The first article of the US Constitution states that the responsibility for trade treaties lies with Congress. The United States is shooting itself in the foot by raising aluminum and steel tariffs and penalizing activities that it uses substantially, like the automobile and construction industries. As for the idea that the trade deficit would weaken the US, it is as if the privilege of the dollar did not exist. But the US economy is doing well, and the effects of protectionism are being felt only slowly.
Even so, it is crucial to note that the US stance, excessive and erratic as it may be, is not 100 percent unfounded. The WTO system has not been significantly changed in the last 25 years. It suffers from serious flaws:
• Some of the rules of trade remain unbalanced against developing countries, mostly in the area of agriculture. OECD countries pay as much as the rest of the world to support their farmers.
• On the other side, some principles have to be readjusted in order to factor in the new strength of emerging countries. Of particular need for adjustment is the “special and differential treatment” principle, according to which all developing countries benefit from flexibilities which are not available to developed countries.
• Some of the WTO disciplines remain too weak to properly level the playing field in an international economy that has globalized rapidly in recent decades, subsidies being a case in point.
• The relative importance of obstacles to trade is changing because of factors such as e-commerce and non-tariff measures. Hence there is a necessity to adapt.
• The negotiating process has become excruciatingly complex as the WTO membership has expanded to more than 160 countries.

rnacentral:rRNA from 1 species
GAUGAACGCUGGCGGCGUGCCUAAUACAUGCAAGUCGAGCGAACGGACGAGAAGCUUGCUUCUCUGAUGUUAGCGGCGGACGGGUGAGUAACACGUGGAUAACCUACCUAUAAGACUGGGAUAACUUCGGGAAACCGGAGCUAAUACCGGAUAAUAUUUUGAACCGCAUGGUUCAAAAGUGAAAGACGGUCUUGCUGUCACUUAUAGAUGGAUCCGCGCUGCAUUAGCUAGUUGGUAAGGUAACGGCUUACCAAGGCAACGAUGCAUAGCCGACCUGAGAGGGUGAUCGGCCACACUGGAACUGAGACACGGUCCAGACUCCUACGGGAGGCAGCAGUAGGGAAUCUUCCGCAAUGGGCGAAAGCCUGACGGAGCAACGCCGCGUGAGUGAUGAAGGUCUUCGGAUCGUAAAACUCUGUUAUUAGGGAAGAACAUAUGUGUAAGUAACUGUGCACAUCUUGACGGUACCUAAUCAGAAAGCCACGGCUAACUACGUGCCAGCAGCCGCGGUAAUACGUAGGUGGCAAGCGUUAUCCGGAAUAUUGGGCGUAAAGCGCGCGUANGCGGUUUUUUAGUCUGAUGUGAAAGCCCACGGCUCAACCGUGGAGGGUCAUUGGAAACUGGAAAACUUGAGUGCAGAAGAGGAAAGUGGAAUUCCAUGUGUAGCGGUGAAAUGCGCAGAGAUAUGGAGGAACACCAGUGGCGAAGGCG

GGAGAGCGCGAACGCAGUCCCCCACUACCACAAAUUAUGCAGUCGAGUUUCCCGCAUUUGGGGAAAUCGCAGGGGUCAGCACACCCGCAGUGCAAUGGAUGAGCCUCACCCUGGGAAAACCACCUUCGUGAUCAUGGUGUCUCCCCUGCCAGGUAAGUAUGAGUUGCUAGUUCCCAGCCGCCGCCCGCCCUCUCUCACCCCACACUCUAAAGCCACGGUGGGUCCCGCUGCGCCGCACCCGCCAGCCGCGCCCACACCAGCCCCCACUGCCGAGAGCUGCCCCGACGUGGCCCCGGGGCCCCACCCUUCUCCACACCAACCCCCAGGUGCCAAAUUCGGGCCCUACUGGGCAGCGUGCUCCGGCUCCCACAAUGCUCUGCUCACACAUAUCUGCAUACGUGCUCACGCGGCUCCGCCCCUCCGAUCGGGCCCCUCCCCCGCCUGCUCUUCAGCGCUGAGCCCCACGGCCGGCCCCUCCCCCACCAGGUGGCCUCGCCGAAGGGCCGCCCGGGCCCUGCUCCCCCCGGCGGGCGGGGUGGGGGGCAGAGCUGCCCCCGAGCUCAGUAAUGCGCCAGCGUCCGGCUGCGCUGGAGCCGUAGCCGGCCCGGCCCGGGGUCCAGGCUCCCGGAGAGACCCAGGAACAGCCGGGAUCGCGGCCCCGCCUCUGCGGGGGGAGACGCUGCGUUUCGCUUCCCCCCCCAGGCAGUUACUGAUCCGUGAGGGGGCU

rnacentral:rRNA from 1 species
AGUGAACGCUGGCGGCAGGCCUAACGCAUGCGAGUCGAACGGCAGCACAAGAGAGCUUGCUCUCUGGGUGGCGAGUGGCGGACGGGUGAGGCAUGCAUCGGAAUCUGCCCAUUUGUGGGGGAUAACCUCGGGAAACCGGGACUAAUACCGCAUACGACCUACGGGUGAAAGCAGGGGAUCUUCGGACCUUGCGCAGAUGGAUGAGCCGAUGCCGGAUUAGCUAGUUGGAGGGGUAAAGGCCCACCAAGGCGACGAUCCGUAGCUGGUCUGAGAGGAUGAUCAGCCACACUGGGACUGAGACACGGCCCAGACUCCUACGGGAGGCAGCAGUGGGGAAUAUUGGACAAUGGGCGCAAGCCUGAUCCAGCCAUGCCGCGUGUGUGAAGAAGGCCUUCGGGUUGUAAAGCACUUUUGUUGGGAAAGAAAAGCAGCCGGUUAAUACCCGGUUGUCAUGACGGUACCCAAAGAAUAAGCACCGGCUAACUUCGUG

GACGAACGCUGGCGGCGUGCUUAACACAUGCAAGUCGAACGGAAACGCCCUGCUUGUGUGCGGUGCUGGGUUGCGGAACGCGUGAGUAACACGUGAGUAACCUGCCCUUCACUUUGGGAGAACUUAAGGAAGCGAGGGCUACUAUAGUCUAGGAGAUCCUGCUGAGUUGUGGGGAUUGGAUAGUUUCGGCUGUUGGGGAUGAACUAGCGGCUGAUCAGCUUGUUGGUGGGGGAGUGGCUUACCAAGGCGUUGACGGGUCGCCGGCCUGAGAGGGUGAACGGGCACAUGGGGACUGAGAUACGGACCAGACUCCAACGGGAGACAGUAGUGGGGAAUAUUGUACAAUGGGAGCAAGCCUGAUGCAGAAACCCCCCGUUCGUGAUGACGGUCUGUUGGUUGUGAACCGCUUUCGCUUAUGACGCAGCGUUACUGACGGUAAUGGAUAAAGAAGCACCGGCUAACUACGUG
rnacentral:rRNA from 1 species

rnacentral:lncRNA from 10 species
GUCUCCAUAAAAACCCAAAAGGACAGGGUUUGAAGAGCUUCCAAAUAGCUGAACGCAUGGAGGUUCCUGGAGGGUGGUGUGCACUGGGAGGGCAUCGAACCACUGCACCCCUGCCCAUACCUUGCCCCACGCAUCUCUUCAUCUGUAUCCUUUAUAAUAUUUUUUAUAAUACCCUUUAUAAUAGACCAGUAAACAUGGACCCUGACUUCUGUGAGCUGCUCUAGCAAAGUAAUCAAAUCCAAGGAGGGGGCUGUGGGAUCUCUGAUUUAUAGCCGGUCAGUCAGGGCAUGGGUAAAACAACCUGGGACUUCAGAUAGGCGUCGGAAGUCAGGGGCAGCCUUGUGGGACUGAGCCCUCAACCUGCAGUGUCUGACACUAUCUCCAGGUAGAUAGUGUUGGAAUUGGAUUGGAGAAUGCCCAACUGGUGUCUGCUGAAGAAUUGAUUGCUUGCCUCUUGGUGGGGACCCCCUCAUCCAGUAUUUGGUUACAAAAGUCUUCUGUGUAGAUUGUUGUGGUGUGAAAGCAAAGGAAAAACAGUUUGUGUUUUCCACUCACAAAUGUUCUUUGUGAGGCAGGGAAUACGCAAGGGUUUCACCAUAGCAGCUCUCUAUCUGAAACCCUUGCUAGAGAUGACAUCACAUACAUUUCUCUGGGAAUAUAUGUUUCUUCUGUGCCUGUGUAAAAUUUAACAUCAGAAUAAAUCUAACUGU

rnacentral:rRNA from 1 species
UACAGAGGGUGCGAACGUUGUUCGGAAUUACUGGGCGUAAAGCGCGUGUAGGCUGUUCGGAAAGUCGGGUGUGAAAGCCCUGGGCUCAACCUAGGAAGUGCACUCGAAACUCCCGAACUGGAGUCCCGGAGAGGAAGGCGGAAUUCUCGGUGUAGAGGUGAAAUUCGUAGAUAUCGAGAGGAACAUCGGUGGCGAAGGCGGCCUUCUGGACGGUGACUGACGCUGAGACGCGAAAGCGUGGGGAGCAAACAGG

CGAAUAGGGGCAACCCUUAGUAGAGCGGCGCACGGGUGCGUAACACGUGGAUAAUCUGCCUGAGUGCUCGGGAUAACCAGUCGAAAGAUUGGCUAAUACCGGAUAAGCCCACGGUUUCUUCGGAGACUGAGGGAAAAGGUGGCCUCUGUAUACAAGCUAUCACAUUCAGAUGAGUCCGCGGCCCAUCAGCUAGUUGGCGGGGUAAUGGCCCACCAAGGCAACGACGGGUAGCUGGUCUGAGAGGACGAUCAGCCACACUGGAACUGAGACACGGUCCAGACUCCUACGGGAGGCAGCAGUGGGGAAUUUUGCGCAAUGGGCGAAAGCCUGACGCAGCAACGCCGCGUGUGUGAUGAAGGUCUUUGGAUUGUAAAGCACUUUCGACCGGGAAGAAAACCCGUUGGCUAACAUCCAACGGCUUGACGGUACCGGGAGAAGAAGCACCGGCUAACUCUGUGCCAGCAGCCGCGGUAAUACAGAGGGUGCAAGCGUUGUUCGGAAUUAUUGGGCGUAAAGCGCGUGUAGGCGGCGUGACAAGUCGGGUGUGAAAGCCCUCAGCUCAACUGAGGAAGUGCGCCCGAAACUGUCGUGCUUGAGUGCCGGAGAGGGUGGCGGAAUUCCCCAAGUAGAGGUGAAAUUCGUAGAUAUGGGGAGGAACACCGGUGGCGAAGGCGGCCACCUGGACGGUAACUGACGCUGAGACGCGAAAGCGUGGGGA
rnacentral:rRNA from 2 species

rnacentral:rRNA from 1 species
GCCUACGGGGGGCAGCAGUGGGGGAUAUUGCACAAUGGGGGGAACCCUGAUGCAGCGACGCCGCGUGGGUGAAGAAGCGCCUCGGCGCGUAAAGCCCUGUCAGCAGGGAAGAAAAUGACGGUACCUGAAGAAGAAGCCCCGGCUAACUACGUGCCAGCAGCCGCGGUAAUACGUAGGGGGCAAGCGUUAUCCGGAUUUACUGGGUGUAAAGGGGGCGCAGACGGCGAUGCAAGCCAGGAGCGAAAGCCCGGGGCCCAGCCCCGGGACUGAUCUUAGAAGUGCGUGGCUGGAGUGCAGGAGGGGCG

To address these various weaknesses and to consolidate the multilateral system, the EU should launch, together with China, a major initiative to update the multilateral rules book and modernize the organization. The main objective should be to unlock the negotiating process, which can only happen on the basis of a multipurpose proposal so that all members could see their advantage in negotiating a new, broad-ranging package. Such a package should include a thorough review of the basic principle that has underpinned the WTO: the reciprocity between developed countries and “special and differential treatment” in favor of poorer countries.
Whereas this principle made sense a few decades ago, the emergence of major developing countries, starting with China, has created a new “in between” class, which needs to be recognized and organized. Unless it is done, the negotiating process will remain clogged by a US-China impasse, as long as China remains a rich country with many poor in the eyes of the US, and a poor country with many rich in the eyes of China.
The way to resolve this contradiction would be to agree on a new graduation principle according to which the asymmetry in market access between rich and poor countries would be progressively reduced as the GNP-per-head difference between them narrows. Such systems already exist elsewhere in the international arena, such as the United Nations and the World Bank.
Mounting trade tensions following the Brexit vote and the election of US President Donald Trump have intensified demand for the thoughts of Pascal Lamy, former Director-General of the World Trade Organization from 2005 until 2013 and EU Commissioner for Trade 1999 to 2004. Now a Principal at Brunswick Geopolitical, Mr. Lamy has argued in the media for the importance of multilateral trade while also calling for WTO reform. This essay is derived from a speech in June at the WTO and an interview he gave this spring to Le Monde. These notes are his personal views.